Apr 22nd, 2015
Apr 22nd, 2015 / Nicki Chick
Sarah Green & Jon Grayson… what to do in week 1 after your Marathon. Women’s Health 20th April 2015
THE ULTIMATE MARATHON RECOVERY PLAN
So, you’ve finished the marathon, you’ve got 26 miles behind you and your legs are jelly ‐ time to relax with a week of recovery (that doesn’t mean sitting down for seven days).
RECOVERY ON THE DAY
After 26.2 miles, it is likely that you will feel some degree of muscle soreness. The key is to keep moving! Try to keep walking for 10‐15 minutes once you cross the finish line to reduce muscle stiffness.
Eat & Drink
Keep well hydrated and eat some form of protein‐rich food. This will help flush out the lactate build up and replenish muscle fibres from the micro‐trauma sustained.
Wait at least two to six hours after the race before you stretch and foam roll. This allows your muscles time to replenish fluids and energy lost and recover from the demands of the race. Static stretching can be done but is not essential.
If you’ve pushed through your threshold and felt some pain, then icing immediately afterwards on the affected area for 10‐20mins at a time, up to every few hours for 24‐48 hrs can help give short term relief. If you’re feeling brave you can try an ice bath for your legs for 10mins to help with that muscle soreness too!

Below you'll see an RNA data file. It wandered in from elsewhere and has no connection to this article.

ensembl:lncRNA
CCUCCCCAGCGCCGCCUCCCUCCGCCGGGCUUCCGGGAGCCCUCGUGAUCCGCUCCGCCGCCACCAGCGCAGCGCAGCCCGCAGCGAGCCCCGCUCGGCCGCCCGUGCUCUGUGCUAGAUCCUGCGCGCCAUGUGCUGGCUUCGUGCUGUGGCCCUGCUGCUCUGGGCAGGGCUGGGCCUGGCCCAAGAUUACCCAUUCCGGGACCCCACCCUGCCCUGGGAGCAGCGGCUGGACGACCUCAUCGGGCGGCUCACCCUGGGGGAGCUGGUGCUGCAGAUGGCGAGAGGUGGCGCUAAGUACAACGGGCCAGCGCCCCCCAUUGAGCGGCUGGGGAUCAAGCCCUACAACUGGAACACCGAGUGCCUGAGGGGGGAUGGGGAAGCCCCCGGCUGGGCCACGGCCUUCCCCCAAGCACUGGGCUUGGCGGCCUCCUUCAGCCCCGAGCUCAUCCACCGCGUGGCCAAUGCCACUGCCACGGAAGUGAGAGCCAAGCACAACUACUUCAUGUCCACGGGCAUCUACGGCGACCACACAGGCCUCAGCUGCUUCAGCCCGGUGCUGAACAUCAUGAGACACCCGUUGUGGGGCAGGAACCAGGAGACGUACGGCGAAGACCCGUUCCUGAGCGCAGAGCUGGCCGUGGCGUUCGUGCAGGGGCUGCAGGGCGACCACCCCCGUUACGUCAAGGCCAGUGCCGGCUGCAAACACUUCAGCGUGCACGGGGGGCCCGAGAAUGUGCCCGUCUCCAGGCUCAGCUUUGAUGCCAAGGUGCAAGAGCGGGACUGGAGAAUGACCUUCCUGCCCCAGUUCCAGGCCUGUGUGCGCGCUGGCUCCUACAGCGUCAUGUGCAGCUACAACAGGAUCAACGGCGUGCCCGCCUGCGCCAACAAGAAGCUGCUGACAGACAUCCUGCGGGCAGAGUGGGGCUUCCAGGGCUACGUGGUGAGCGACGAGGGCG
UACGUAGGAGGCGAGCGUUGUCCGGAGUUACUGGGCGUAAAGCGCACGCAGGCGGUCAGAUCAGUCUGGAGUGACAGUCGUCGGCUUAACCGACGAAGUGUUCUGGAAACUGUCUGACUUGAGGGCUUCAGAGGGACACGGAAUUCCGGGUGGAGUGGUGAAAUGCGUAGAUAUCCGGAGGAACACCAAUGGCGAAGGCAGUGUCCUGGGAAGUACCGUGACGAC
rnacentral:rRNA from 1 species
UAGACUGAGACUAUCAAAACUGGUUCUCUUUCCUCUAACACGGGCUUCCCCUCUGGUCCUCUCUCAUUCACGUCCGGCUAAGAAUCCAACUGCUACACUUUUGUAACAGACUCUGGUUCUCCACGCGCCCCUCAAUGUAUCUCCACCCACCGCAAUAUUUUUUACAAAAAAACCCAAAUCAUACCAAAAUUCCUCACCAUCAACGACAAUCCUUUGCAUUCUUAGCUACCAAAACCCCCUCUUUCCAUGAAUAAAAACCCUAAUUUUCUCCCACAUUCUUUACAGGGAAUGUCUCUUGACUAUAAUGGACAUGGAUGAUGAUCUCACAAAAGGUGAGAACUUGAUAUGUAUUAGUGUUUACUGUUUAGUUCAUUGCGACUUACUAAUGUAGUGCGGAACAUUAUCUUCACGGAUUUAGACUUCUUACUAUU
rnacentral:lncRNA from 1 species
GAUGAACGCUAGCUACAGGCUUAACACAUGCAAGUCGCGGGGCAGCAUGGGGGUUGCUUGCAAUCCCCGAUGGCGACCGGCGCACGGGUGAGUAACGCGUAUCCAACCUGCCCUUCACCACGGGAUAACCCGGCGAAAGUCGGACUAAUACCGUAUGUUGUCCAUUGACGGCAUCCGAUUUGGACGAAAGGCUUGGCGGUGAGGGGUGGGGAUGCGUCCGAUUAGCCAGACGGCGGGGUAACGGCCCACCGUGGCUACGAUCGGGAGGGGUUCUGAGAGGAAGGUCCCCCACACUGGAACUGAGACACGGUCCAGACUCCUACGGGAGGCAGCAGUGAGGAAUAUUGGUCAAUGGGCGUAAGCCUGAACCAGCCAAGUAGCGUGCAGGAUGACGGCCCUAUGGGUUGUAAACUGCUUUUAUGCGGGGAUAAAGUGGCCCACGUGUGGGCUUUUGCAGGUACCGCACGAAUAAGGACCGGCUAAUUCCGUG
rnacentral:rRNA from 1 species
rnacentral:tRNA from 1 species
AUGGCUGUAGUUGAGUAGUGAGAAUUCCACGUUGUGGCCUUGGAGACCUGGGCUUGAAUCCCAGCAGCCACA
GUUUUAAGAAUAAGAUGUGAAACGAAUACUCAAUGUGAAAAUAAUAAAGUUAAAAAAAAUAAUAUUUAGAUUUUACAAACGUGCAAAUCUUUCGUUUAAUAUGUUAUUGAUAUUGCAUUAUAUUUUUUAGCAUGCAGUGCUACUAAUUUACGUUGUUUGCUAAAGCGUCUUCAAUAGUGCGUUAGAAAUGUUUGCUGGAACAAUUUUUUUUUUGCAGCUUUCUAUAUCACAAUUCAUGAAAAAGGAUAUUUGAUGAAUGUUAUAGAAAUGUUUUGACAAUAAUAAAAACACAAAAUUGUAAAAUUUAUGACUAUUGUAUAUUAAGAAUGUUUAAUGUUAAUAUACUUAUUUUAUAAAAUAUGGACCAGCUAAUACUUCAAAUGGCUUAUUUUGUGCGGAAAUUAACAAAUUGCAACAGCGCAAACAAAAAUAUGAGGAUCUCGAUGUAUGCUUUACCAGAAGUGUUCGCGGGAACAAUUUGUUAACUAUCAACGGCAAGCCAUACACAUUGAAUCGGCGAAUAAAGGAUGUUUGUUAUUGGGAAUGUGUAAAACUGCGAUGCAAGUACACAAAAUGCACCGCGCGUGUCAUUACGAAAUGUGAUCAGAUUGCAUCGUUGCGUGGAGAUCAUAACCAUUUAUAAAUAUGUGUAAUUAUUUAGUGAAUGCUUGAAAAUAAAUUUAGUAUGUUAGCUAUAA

DAY 1: RECOVERY THE DAY AFTER THE MARATHON
This is key! Inflammation from micro‐trauma builds overnight. This leads to scar tissue formation and excessive muscle stiffness unless it is eased out. A simple 30min light cycle or swim the day after can aid a quicker recovery. Don’t just rest… recover.
Walking and gentle sports massage can also help by reducing tension and inflammation, particularly in the first few days after a marathon.
Don’t forget, you did something amazing, celebrate and enjoy your achievement.
DAY 2‐7: THE WEEK AFTER THE MARATHON
If you felt pain during and after the marathon then it is likely that you have damaged the muscle soft tissue. It is important to know the phases of soft tissue healing process to prevent causing
Phase 1 ‐ bleeding 0‐48hrs
Phase 2 ‐ inflammation up to 5‐10days
Phase 3 ‐ proliferation up to 3‐6 weeks
Phase 4 ‐ remodelling up to months/years
If phase 1 and 2 respond to general PRICE (protection, rest, ice, compression and elevation) treatment and ease pain then you can return to running within phase 3 and gradually build back up.
If this is still pain free then keep going, as phase 4 continues without you knowing about it. However if pain persists with return to running after 5‐10 days then get treatment.
Build back into running very gently. Once muscle soreness has significantly reduced (usually two to four days after the race), try a short light jog to aid blood flow and ‘feed the need’ for a regular run. Just be mindful to take it easy!
Listen to your body, allow time for your body to recover before you return to running longer distances and at faster speeds, use this time to cross train as an alternative.